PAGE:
In the last two parts of this blog series we looked at reinforcement, which increases a certain behavior. Today we are going to explore positive punishment, which has the effect of decreasing a behavior. As I mentioned in the first blog, we as behavior analysts want to understand why certain behaviors may occur, and what consequences either maintain them or prevent them from occurring again. Reinforcers maintain behavior, and punishers decrease the probability that they will happen again.
Positive punishment is when a particular behavior is weakened by the consequence of experiencing a negative condition. In other words, after a behavior occurs, a negative condition is added in order to decrease the likelihood of that behavior occurring again. Let’s take a look at some examples:
While driving to the grocery store, Darren decides to drive over the speed limit. A police officer pulls him over and gives him a ticket for speeding, which carries a fine of $150. This upsets Darren, and he decides to watch his speed more closely in the future while driving.
Despite her mother’s many warnings, Mary keeps trying to touch the stove while it is hot. One day, while her mother’s back is turned, Mary touches a pot on the stove, and it burns her finger. Mary feels hurt and upset, and does not ever touch the stove without permission again.
In both of these examples, a negative or aversive condition was added as a consequence of behavior. The consequence for Darren’s speeding behavior was the addition of a $150 fine, which is likely to reduce his speeding behavior in the future. Darren has experienced positive punishment!
There is something I would like to mention: the word “punishment” has unpleasant connotations for most of us – we tend to associate it with a consequence that is given out of anger or frustration, such as yelling, spanking, or taking away toys. Each of those is an example of a punisher; however, a good behavior analyst or therapist knows that the one and only goal of a punishment procedure is to reduce an unwanted behavior – NOT to retaliate. Although it is important that a consequence be delivered immediately, avoid giving any forms of punishment (and especially any physical form of punishment) while you are angry. As hard as it is, emotion needs to be removed from the equation so that behavior modification can be the focus.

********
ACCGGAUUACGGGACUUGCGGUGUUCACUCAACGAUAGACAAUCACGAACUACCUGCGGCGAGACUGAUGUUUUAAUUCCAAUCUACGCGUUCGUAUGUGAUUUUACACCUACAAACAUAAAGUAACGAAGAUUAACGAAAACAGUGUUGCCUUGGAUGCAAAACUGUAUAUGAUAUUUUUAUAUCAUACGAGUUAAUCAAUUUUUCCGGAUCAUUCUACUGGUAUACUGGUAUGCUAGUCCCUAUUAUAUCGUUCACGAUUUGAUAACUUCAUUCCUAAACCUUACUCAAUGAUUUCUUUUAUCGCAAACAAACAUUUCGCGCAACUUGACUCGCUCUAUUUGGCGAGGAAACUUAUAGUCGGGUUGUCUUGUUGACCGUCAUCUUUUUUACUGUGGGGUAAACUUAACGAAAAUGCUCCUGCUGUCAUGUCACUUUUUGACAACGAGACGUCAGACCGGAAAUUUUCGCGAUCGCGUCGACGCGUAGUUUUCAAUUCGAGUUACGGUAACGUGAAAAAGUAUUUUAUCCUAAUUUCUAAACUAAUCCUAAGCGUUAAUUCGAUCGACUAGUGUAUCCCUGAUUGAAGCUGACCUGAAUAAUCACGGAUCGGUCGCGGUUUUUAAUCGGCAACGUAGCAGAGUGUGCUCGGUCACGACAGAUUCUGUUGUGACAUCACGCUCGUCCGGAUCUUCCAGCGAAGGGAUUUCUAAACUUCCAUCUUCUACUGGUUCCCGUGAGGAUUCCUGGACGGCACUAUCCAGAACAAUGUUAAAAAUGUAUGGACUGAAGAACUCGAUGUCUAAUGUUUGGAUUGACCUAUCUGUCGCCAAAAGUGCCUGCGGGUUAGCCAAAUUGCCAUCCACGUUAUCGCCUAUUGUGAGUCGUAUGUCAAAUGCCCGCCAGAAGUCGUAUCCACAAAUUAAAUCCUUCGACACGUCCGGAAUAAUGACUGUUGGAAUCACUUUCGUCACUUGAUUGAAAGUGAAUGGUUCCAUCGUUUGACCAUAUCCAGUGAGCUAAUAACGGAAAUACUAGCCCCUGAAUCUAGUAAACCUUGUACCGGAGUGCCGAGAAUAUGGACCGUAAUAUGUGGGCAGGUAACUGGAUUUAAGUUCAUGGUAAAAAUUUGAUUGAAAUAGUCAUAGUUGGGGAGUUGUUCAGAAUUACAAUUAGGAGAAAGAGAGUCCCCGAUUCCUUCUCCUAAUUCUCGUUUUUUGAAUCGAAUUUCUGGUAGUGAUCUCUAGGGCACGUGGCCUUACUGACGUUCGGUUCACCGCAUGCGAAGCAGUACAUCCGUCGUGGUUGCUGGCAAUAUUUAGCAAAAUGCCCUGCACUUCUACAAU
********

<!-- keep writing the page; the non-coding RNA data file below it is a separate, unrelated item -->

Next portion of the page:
Although positive punishment procedures are quite effective in reducing a child’s unwanted behaviors, most ABA practitioners try to focus on reinforcement or extinction procedures whenever possible (we’ll talk about extinction in the next blog!). Aside from the possibility of punishment-elicited aggression on the part of the child, positive punishment procedures can be difficult to transfer outside of the learning environment and into real-world scenarios. However, punishment is an invaluable tool to use when dealing with behaviors – especially severe or harmful behaviors that need to be stopped as soon as possible.
I also want to note that as important as it is to reduce an unwanted behavior, it is equally as important to remember to reinforce adaptive alternative behaviors. If you want Anna to stop banging her toys together when she plays with them, don’t just punish her when she bangs them together – also remember to reinforce her when she is playing with them appropriately. This increases the effectiveness of a punisher immensely, and also reinforces Anna’s appropriate play skills!
What are some positive punishment procedures that you have administered in the past? What about any punishments that you have received?